Called the "UMD" format (for "Universal Media Disc"), the disc itself is only 60mm (2.36 inches) in diameter, but has a storage capacity of 1.8GB. This is more than two and a half times the capacity of a standard CD, and sufficiently large to accommodate one or more compressed full-length movies, as well as serving as the medium for distributing Sonys new full-motion video-games titles. The PSP portable game system, already a major hit in Japan, will begin to be sold in North America in March, and a bit later this year in Europe. The device itself includes a sizeable LCD viewing screen and built-in stereo speakers.
Sony intends to license UMD technology to other manufacturers, and hopes that the new format will become the standard for listening and viewing all pre-recorded audio and video programming in the portable environment. Sonys DADC disc-production facilities in Japan, Terre Haute (Indiana), and Salzburg (Austria), are already replicating UMD PSP game titles and presumably other audio and video programming. The company has high expectations for the UMD format, and has projected production of over 100 million UMDs in 2005 alone.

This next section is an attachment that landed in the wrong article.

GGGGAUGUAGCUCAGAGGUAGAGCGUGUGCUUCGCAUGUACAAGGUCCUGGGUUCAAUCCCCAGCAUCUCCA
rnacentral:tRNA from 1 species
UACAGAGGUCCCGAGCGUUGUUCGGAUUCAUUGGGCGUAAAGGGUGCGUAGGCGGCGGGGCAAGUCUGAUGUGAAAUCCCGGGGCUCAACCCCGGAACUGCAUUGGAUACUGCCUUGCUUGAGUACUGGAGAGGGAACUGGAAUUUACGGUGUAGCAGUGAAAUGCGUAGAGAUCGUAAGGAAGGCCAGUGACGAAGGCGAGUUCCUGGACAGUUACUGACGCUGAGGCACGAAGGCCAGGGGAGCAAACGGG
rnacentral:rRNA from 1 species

For the moment at least, UMD is a playback format only; there are no announced plans for a recordable version. However, a number of companies are trying to resurrect the DataPlay disc format for use in various portable applications, and recordable versions are very definitely part of their plans. DataPlay discs are very small, just a bit over one inch in diameter, and the new versions can have storage capacities as high as 750MB, the same as a CD. Unfortunately, the companies promoting DataPlay products to date lack the marketing clout of a Sony, and this may limit the growth and success of this interesting optical format.